Saturn's moon Enceladus contains a large body of water under its surface, new research has confirmed. And the icy moon may even have conditions suitable for life.
Data from NASA's Cassini spacecraft revealed negatively charged water molecules in the moon's atmosphere.
"While it's no surprise that there is water there, these short-lived ions are extra evidence for subsurface water and where there’s water, carbon and energy, some of the major ingredients for life are present," said Andrew Coates from University College London's Mullard Space Science Laboratory.
This news comes after NASA's Cassini Equinox mission made low passes over Saturn's moon Enceladus in 2008 and 2009. Using an instrument called a plasma spectrometer, elements in the plumes of gas and dust ejected by the moon's geysers could be measured and identified.
Now that the analysis has been completed, it appears the space probe has collected evidence for negatively charged water ions and negatively charged hydrocarbons. (Negatively charged water ions can be found in familiar places on the surface of Earth, near waterfalls and breaking ocean waves for example.)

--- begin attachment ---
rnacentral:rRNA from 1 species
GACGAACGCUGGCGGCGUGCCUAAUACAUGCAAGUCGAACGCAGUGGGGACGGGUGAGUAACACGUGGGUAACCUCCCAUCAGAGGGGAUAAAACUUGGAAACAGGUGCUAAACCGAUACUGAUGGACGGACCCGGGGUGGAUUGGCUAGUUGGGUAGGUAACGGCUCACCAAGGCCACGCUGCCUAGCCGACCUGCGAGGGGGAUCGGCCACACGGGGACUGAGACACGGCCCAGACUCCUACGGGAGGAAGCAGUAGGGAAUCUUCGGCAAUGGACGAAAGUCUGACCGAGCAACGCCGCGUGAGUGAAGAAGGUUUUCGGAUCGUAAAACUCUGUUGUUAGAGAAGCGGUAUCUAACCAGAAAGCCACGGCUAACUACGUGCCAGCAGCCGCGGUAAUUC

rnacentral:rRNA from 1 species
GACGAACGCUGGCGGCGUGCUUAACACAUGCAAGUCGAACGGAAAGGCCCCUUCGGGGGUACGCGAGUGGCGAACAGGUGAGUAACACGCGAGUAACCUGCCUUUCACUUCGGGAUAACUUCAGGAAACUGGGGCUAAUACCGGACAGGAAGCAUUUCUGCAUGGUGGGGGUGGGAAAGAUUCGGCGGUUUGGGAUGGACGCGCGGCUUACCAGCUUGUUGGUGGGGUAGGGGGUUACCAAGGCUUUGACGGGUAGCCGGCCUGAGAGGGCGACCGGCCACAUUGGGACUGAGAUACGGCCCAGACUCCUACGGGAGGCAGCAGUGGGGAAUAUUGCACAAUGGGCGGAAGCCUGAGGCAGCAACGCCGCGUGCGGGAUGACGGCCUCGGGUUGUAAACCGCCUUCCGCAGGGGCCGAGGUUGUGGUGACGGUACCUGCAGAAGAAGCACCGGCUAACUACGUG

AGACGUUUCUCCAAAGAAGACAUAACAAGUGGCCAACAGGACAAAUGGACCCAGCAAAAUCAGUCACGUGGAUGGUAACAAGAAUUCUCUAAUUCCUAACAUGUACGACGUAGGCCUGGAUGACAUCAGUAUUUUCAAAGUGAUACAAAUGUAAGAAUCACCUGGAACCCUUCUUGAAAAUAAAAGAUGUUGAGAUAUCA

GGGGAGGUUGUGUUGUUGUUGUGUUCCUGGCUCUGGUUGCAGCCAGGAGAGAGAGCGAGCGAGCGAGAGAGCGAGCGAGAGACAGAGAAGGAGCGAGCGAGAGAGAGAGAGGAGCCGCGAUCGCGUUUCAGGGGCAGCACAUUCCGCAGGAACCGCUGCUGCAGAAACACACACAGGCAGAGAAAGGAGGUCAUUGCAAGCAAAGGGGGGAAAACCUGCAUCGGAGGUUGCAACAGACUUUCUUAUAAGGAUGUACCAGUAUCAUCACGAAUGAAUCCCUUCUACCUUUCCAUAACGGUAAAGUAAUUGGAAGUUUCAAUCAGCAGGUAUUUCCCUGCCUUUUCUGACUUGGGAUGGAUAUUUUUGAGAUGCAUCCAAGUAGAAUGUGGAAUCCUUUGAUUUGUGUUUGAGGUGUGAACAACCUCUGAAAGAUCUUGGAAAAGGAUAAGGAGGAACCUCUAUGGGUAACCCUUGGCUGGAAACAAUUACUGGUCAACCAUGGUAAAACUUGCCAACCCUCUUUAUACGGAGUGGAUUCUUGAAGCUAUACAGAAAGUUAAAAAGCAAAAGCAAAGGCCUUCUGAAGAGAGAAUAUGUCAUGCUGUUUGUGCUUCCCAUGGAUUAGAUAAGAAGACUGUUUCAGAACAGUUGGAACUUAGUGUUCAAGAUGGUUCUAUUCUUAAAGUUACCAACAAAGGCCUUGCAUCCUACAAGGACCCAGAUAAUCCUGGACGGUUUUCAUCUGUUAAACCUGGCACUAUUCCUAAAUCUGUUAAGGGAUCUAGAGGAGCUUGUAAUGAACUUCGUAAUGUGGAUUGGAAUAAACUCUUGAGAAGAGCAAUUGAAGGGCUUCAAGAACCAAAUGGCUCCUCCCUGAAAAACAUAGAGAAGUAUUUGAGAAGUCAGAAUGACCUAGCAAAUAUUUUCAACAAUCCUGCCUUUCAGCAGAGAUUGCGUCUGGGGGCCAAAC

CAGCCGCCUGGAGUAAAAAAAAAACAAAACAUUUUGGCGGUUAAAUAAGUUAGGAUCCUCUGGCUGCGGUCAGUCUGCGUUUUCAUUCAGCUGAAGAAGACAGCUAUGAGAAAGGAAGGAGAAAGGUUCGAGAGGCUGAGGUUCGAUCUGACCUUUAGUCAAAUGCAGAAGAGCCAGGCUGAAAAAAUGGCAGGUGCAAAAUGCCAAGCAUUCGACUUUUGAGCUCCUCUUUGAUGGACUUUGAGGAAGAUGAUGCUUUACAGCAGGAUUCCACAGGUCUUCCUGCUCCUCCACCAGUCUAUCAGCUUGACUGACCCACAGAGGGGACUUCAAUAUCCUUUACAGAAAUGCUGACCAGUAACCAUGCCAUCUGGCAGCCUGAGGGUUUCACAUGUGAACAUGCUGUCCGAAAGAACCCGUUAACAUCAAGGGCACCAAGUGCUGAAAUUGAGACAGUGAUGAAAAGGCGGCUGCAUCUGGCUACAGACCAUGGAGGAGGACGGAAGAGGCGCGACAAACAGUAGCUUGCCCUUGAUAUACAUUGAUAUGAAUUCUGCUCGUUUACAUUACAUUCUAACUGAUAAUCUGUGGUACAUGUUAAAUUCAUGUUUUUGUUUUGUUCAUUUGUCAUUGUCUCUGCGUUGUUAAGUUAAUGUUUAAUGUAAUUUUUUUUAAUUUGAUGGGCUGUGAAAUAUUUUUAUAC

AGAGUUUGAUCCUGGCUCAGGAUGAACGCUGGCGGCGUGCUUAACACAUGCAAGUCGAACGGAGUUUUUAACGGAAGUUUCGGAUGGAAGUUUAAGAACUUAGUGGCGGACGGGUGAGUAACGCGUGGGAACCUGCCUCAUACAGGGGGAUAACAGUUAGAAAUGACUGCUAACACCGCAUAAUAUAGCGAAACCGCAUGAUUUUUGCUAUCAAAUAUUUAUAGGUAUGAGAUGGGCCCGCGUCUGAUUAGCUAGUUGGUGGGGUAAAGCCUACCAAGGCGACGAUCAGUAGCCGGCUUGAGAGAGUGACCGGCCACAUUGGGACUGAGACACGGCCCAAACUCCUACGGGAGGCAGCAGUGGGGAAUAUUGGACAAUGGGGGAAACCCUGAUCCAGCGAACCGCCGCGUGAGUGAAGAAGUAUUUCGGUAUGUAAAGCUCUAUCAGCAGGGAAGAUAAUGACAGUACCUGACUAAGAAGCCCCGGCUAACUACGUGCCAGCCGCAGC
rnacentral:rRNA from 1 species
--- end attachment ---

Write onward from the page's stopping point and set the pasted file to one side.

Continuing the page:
This means that this small moon contains the basic ingredients for life, and due to the presence of the negative ions in Enceladus' plume, there appears to be ongoing processes that could provide a suitable environment for life to evolve under the surface.
Negative ions have only been discovered on a select few bodies in the solar system including the Earth, comets and another one of Saturn's moons, Titan.
In fact, the same plasma spectrometer on board Cassini has been used to confirm the presence of large negative hydrocarbon ions high in the atmosphere of Titan, indicating the presence of an organic mix of chemicals called "tholins" on Titan's surface.
The continuing discoveries of other possible prebiotic environments in the solar system are showing us that the Earth may not be the only place where such conditions can exist.